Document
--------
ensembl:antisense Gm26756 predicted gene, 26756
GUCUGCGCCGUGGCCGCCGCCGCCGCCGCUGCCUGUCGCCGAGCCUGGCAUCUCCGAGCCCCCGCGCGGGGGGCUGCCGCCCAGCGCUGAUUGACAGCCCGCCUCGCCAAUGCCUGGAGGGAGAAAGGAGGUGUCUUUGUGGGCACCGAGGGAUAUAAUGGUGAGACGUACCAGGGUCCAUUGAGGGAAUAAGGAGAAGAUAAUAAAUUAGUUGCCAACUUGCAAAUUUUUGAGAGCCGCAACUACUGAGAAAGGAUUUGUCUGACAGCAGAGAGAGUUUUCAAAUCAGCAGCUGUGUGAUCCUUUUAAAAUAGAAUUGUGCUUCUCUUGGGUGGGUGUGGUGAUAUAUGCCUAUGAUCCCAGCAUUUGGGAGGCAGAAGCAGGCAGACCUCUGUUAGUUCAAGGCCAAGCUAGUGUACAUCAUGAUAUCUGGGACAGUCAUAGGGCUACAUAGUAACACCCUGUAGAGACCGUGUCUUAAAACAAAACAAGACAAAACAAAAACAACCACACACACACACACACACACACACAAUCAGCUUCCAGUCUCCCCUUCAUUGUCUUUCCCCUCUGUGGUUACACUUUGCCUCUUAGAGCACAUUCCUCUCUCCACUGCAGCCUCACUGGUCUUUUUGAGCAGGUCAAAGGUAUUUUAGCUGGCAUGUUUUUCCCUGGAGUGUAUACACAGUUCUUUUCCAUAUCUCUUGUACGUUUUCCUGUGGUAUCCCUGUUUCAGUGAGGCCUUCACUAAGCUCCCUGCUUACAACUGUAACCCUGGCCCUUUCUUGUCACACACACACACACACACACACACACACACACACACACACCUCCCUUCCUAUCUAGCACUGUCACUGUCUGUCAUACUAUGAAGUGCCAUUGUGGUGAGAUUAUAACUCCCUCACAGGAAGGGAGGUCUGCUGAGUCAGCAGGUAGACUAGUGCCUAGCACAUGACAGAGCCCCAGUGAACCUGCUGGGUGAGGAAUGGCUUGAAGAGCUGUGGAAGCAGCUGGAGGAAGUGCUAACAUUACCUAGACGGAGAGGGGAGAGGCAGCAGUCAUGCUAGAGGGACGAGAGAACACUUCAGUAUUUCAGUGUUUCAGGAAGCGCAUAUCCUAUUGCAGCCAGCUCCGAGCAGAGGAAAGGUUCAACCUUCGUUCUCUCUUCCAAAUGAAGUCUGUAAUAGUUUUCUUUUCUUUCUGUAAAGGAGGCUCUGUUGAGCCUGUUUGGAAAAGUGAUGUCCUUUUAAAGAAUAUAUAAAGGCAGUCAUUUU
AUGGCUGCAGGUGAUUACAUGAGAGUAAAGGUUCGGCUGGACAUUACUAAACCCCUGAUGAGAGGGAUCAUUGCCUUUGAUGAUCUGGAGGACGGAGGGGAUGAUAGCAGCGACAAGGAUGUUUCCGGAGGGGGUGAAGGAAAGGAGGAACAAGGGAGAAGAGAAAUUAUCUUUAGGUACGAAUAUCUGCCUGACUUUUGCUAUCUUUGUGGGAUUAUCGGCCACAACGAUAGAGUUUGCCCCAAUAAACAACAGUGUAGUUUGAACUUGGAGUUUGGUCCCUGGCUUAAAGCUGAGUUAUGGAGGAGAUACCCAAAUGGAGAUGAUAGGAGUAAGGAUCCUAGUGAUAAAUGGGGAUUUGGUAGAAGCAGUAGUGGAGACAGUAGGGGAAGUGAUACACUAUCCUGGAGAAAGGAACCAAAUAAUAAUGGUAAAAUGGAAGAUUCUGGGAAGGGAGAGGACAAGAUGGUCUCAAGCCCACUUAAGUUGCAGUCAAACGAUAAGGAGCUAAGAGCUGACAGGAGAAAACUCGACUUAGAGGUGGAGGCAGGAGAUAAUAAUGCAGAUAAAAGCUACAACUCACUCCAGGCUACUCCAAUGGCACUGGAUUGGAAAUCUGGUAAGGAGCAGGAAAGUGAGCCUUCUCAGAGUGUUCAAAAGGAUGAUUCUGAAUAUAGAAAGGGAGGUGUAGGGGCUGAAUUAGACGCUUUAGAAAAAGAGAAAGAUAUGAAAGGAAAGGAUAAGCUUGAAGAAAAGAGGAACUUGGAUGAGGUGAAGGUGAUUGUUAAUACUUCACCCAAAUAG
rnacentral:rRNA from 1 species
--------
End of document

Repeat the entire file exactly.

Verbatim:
ensembl:antisense Gm26756 predicted gene, 26756
GUCUGCGCCGUGGCCGCCGCCGCCGCCGCUGCCUGUCGCCGAGCCUGGCAUCUCCGAGCCCCCGCGCGGGGGGCUGCCGCCCAGCGCUGAUUGACAGCCCGCCUCGCCAAUGCCUGGAGGGAGAAAGGAGGUGUCUUUGUGGGCACCGAGGGAUAUAAUGGUGAGACGUACCAGGGUCCAUUGAGGGAAUAAGGAGAAGAUAAUAAAUUAGUUGCCAACUUGCAAAUUUUUGAGAGCCGCAACUACUGAGAAAGGAUUUGUCUGACAGCAGAGAGAGUUUUCAAAUCAGCAGCUGUGUGAUCCUUUUAAAAUAGAAUUGUGCUUCUCUUGGGUGGGUGUGGUGAUAUAUGCCUAUGAUCCCAGCAUUUGGGAGGCAGAAGCAGGCAGACCUCUGUUAGUUCAAGGCCAAGCUAGUGUACAUCAUGAUAUCUGGGACAGUCAUAGGGCUACAUAGUAACACCCUGUAGAGACCGUGUCUUAAAACAAAACAAGACAAAACAAAAACAACCACACACACACACACACACACACACAAUCAGCUUCCAGUCUCCCCUUCAUUGUCUUUCCCCUCUGUGGUUACACUUUGCCUCUUAGAGCACAUUCCUCUCUCCACUGCAGCCUCACUGGUCUUUUUGAGCAGGUCAAAGGUAUUUUAGCUGGCAUGUUUUUCCCUGGAGUGUAUACACAGUUCUUUUCCAUAUCUCUUGUACGUUUUCCUGUGGUAUCCCUGUUUCAGUGAGGCCUUCACUAAGCUCCCUGCUUACAACUGUAACCCUGGCCCUUUCUUGUCACACACACACACACACACACACACACACACACACACACACCUCCCUUCCUAUCUAGCACUGUCACUGUCUGUCAUACUAUGAAGUGCCAUUGUGGUGAGAUUAUAACUCCCUCACAGGAAGGGAGGUCUGCUGAGUCAGCAGGUAGACUAGUGCCUAGCACAUGACAGAGCCCCAGUGAACCUGCUGGGUGAGGAAUGGCUUGAAGAGCUGUGGAAGCAGCUGGAGGAAGUGCUAACAUUACCUAGACGGAGAGGGGAGAGGCAGCAGUCAUGCUAGAGGGACGAGAGAACACUUCAGUAUUUCAGUGUUUCAGGAAGCGCAUAUCCUAUUGCAGCCAGCUCCGAGCAGAGGAAAGGUUCAACCUUCGUUCUCUCUUCCAAAUGAAGUCUGUAAUAGUUUUCUUUUCUUUCUGUAAAGGAGGCUCUGUUGAGCCUGUUUGGAAAAGUGAUGUCCUUUUAAAGAAUAUAUAAAGGCAGUCAUUUU
AUGGCUGCAGGUGAUUACAUGAGAGUAAAGGUUCGGCUGGACAUUACUAAACCCCUGAUGAGAGGGAUCAUUGCCUUUGAUGAUCUGGAGGACGGAGGGGAUGAUAGCAGCGACAAGGAUGUUUCCGGAGGGGGUGAAGGAAAGGAGGAACAAGGGAGAAGAGAAAUUAUCUUUAGGUACGAAUAUCUGCCUGACUUUUGCUAUCUUUGUGGGAUUAUCGGCCACAACGAUAGAGUUUGCCCCAAUAAACAACAGUGUAGUUUGAACUUGGAGUUUGGUCCCUGGCUUAAAGCUGAGUUAUGGAGGAGAUACCCAAAUGGAGAUGAUAGGAGUAAGGAUCCUAGUGAUAAAUGGGGAUUUGGUAGAAGCAGUAGUGGAGACAGUAGGGGAAGUGAUACACUAUCCUGGAGAAAGGAACCAAAUAAUAAUGGUAAAAUGGAAGAUUCUGGGAAGGGAGAGGACAAGAUGGUCUCAAGCCCACUUAAGUUGCAGUCAAACGAUAAGGAGCUAAGAGCUGACAGGAGAAAACUCGACUUAGAGGUGGAGGCAGGAGAUAAUAAUGCAGAUAAAAGCUACAACUCACUCCAGGCUACUCCAAUGGCACUGGAUUGGAAAUCUGGUAAGGAGCAGGAAAGUGAGCCUUCUCAGAGUGUUCAAAAGGAUGAUUCUGAAUAUAGAAAGGGAGGUGUAGGGGCUGAAUUAGACGCUUUAGAAAAAGAGAAAGAUAUGAAAGGAAAGGAUAAGCUUGAAGAAAAGAGGAACUUGGAUGAGGUGAAGGUGAUUGUUAAUACUUCACCCAAAUAG
rnacentral:rRNA from 1 species